Genetics of functional brain networks

Sinclair, Benjamin (2015). Genetics of functional brain networks PhD Thesis, School of Psychology, The University of Queensland. doi:10.14264/uql.2015.884

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Author Sinclair, Benjamin
Thesis Title Genetics of functional brain networks
School, Centre or Institute School of Psychology
Institution The University of Queensland
DOI 10.14264/uql.2015.884
Publication date 2015-08-31
Thesis type PhD Thesis
Supervisor Katie McMahon
Margie Wright
Greig de Zubicaray
Total pages 154
Language eng
Subjects 1702 Cognitive Sciences
1109 Neurosciences
0604 Genetics
Formatted abstract
In this thesis, the heritability of a number of features of brain functional connectivity and network behaviour was estimated, in order to assess their suitability as imaging endophenotypes. Phenotypes were chosen based on prior association with psychiatric disease in the literature, and current interest in the neuroimaging community. Heritability was estimated using a large MRI twin sample from the Queensland Twin Imaging Study.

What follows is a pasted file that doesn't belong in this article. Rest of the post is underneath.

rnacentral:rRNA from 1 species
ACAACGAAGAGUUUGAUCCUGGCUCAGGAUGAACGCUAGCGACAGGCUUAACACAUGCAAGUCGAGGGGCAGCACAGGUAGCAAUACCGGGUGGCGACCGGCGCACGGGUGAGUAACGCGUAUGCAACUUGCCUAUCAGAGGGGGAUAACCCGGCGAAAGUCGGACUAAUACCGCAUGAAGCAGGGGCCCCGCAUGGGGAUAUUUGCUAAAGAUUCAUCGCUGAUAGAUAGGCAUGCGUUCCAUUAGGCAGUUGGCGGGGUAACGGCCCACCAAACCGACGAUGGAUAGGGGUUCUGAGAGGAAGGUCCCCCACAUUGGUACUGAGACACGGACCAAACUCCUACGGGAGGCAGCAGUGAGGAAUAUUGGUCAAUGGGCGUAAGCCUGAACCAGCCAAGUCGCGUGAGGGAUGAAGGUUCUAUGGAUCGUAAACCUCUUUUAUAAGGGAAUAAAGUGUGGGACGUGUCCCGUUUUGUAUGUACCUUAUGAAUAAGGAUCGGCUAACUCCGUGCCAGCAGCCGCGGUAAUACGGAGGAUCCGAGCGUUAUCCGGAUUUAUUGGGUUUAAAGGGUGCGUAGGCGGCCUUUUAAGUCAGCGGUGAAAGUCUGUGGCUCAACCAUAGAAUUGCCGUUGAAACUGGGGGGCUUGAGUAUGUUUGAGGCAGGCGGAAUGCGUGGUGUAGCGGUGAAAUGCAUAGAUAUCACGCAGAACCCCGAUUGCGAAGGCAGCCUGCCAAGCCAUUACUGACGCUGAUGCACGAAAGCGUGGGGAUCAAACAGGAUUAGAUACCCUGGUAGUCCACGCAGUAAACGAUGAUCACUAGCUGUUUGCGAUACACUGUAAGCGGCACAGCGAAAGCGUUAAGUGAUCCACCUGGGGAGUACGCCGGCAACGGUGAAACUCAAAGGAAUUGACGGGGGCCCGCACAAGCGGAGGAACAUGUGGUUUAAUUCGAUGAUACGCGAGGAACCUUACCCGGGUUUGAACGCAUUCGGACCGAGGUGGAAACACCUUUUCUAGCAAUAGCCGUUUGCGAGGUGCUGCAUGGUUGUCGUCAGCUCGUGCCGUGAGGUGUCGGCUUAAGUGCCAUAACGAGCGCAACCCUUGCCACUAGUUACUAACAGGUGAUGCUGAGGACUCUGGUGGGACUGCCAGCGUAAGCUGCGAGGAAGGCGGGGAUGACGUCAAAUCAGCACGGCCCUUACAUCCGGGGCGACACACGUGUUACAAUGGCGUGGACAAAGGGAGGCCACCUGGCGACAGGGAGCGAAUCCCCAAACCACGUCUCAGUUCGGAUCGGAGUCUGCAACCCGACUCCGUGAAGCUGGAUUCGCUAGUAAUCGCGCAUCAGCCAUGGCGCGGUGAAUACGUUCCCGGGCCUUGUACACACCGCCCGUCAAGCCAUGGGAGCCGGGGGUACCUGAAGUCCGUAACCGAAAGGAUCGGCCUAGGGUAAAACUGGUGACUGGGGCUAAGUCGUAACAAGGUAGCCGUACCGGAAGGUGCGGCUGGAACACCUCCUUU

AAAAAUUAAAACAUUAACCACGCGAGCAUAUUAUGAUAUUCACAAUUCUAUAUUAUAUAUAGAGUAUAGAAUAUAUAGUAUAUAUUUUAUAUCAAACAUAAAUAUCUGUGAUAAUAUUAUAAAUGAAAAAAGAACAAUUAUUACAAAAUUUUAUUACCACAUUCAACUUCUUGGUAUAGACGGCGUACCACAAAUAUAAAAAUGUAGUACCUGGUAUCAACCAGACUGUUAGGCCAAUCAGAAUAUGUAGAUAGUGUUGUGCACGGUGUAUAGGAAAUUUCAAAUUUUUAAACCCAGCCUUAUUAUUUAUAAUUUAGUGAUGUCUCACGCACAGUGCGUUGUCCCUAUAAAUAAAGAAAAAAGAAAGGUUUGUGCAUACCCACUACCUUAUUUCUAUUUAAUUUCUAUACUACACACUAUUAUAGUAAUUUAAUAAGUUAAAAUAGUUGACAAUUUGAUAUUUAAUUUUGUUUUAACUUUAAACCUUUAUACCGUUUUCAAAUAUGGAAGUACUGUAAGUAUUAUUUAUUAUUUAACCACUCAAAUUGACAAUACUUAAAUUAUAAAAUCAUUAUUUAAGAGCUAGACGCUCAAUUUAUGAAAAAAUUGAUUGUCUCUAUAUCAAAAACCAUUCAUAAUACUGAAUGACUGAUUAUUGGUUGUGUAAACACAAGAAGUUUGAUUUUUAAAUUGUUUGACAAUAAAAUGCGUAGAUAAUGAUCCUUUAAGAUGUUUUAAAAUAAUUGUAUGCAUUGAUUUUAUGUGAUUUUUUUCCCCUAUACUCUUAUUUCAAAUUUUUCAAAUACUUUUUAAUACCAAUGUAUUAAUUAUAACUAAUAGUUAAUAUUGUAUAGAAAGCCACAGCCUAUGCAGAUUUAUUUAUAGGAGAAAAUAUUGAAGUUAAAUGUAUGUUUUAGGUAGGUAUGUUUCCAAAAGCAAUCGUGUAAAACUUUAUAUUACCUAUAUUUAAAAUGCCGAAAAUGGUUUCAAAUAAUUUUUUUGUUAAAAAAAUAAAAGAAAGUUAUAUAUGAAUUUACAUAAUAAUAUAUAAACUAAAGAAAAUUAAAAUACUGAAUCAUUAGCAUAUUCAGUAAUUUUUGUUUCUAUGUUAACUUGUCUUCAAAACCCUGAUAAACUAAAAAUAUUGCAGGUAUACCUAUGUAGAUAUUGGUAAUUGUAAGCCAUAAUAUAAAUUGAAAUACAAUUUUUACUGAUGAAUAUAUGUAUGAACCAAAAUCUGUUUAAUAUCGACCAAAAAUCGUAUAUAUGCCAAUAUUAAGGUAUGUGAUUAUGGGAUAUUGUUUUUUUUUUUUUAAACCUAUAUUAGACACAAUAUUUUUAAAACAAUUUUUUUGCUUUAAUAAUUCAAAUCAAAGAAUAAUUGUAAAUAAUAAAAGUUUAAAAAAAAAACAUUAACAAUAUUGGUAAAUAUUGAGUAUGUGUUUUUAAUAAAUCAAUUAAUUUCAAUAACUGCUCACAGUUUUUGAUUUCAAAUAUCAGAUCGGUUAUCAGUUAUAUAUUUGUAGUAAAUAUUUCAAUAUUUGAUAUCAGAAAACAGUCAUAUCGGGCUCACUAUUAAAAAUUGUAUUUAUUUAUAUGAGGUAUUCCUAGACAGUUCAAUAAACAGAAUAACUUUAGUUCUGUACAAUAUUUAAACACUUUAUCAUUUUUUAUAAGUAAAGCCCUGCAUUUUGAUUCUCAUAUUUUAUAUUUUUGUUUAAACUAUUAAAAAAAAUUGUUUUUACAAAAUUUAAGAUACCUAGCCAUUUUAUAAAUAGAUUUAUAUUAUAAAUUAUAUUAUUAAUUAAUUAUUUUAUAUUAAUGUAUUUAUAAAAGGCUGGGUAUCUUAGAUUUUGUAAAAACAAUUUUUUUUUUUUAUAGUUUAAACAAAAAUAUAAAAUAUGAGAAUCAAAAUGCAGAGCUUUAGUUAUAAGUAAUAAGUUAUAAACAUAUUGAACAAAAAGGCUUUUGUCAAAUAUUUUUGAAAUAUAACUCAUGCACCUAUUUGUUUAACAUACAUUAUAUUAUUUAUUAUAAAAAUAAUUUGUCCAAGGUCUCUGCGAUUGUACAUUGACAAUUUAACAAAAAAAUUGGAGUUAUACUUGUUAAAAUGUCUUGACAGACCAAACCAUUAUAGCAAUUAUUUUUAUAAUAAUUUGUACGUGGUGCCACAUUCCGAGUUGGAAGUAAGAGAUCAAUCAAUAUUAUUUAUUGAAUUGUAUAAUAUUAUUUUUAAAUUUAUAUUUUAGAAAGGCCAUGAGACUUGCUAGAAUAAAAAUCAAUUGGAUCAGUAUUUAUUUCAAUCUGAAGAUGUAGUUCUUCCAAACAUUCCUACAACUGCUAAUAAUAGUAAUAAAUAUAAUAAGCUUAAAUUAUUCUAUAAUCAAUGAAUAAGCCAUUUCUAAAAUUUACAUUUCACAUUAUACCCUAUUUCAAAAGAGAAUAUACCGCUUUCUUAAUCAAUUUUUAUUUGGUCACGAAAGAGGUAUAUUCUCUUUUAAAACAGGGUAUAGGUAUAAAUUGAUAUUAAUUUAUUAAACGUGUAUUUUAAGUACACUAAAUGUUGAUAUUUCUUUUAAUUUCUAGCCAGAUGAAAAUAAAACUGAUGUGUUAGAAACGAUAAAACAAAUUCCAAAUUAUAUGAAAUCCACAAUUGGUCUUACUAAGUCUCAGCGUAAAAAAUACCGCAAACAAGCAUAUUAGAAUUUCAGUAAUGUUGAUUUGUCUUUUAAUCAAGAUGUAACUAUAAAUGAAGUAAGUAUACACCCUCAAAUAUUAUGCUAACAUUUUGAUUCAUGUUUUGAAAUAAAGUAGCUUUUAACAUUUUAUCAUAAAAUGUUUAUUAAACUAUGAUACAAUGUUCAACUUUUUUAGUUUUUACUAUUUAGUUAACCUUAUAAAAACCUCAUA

The first study looks at intrinsic functional brain networks present at rest, in the absence of cognitive demand, and characterised them using graph theory, a mathematical formulation used to describe topological properties of complex networks. Such characteristics were found to be moderately to strongly heritable (h2=20-60%). The heritability estimates varied substantially with methodological choices, in particular the removal or inclusion of global signal.

Connectivity of functional brain networks during working memory performance were also examined. Dynamic causal modelling was employed to determine task-related changes in functional coupling between frontal and parietal regions. Changes in connectivity with task demand were observed for both forward and backwards connections, but the changes had low test-retest reliability (ICC≤0.3), and subsequently, twin correlations and heritability were non-significant (rMZ≤0.08, rDZ≤-0.05).

Finally the functional connectivity profile of the dorsolateral prefrontal cortex during working memory was probed. Functional connectivity with ipsilateral parietal cortex (h2=24%), contra-lateral dorsolateral prefrontal cortex (h2=36%), posterior cingulate cortex (h2=37%) and middle frontal cortex (h2=26%) were found to be heritable. However, the connections during baseline condition were also heritable, suggesting the heritability did not pertain to WM-specific connectivity, and connectivity with left hippocampus was not found to be heritable.
Keyword Neuroscience
Resting state fMRI
Working memory
Functional connectivity
Graph theory
Dynamic causal modelling (DCM)

Document type: Thesis
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Created: Thu, 27 Aug 2015, 21:38:49 EST by Mr Benjamin Sinclair on behalf of Scholarly Communication and Digitisation Service